Genre: CG Animation
Director: Ben Stassen, Benjamin Mousquet
Cast: Jordan Tartakow, Joe Ochman, Danny Fehsenfeld, Mark Irons, Donte Paris
Runtime: 1 hr 31 mins
Released By: Muse Communication & Golden Village Pictures
Opening Day: 2 June 2022
Synopsis: Set in a lush fantasy world, the film follows the adventures of Chickenhare, a young hero born half chicken and half hare, who was adopted by King Peter, a famous hare adventurer. Eager to fit in and feel loved in spite of his differences, Chickenhare is obsessed with adventuring...no matter how clumsy he is. When the Kingdom's greatest villain - his very own uncle - escapes from jail and threatens to overthrow his father, Chickenhare embarks on an epic race against time along with Abe, sarcastic turtle, and Med, a reckless female martial arts expert, to stop him.
From the independent Belgian studio nWave behind such modest feature-length animations as ‘Sammy’s Adventures’, ‘The Son of Bigfoot’ and ‘The Queen’s Corgi’ comes their latest family-friendly adventure about a part-chicken, part-hare character named Chickenhare, who sets off on a quest to stop his nefarious uncle Lapin from acquiring the legendary scepter known as the Hamster of Darkness, after inadvertently setting Lapin free from the prison he has been imprisoned in following a failed attempt to overthrow Chickenhare’s father King Peter.
Those who have seen their earlier films should know that it is easily their best yet, boasting an engaging screenplay by Hollywood writer Dave Collard (who was co-writer on Disney’s ‘The Wild’) as well as crisp direction from nWave veterans Ben Stassen and Benjamin Mousquet. ‘Chickenhare’ is also testament to how far nWave has evolved its technology over the years, with the animation looking as bright, lively and rich as their accomplished Hollywood counterparts, though to their credit, they never let that distract from what is an inspiring story about embracing your differences and turning them into strength.
Drawing from the graphic novel by Chris Grine, ‘Chickenhare’ lets its titular character (voiced by Jordan Tartakow) take centre stage in this coming-of-age adventure. After an opening prologue depicting how Peter (Brad Venable) discovered Chickenhare and adopted him, the story quickly moves to establish Chickenhare as an insecure young teenager unsure of how to fit in, deciding to mask his chicken-like qualities in order to appear more ‘hare’. It is Chickenhare’s eagerness to prove himself to his father King Peter that also leads him to enter the dungeon where Uncle Lapin (Danny Fehsenfeld) has been locked up since a failed coup, and why Chickenhare decides to take it upon himself to stop Lapin from acquiring the magical powers of the scepter that could lead to the destruction of the kingdom.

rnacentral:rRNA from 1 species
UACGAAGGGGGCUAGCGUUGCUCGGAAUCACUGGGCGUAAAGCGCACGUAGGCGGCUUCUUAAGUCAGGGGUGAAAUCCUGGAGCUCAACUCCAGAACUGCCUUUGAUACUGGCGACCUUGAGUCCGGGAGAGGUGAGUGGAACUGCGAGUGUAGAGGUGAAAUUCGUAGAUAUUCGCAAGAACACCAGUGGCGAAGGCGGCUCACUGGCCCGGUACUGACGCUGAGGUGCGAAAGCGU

As with such animations, Chickenhare’s journey is enlivened by a roster of colourful supporting characters. Aiding Chickenhare is his faithful servant Abe (Joey Lotsko), a turtle whose sarcasm adds much dry levity to the proceedings, and an unlikely new friend he meets named Meg (Laila Berzins), a rebellious female skunk whose ultimate martial arts skill of farting will delight the children. On the other hand, Lapin is accompanied by Meg (Dino Andrade), a duck whose self-importance is simply amusing, and Luther (Joseph Carmen), a gorilla who has since left behind his glory days as a criminal to become a stay-at-home father.
To Stassen and Mousquet’s credit, there is never a dull moment throughout the 90-minute film, buoyed as it is by dynamic action sequences sharply choreographed and executed. The standout here is a kooky set-piece involving a confrontation between Chickenhare and his companions and an army of marshmellow pigs that live in a bamboo forest, the latter utterly delightful in their cube-shaped copiousness advancing like a living game of Tetris to capture our heroes as sacrifice for their pagan-styled worship ceremony. Like we said, nWave has come a long way since their earlier ‘Sammy’s Adventures’, and it shows in every frame.
Even though it doesn’t break new ground for the genre, ‘Chickenhare and the Hamster of Darkness’ is enjoyable in its own right, with a uplifting story, great pacing and strong visuals combining to make it perfectly accessible family entertainment. A special shout-out too to the cast, who demonstrate there are perfectly talented voice actors out there who are not big-name Hollywood stars. Amidst other higher-profile animations like ‘Lightyear’ and ‘Minions: The Rise of Gru’, those looking for something simple but just as sweet for the kids will find ‘Chickenhare’ an unassuming and therefore unexpected delight.
(An engaging coming-of-age story, great pacing and strong visuals combine to make this familiar but fun animation an unassuming delight)
Review by Gabriel Chong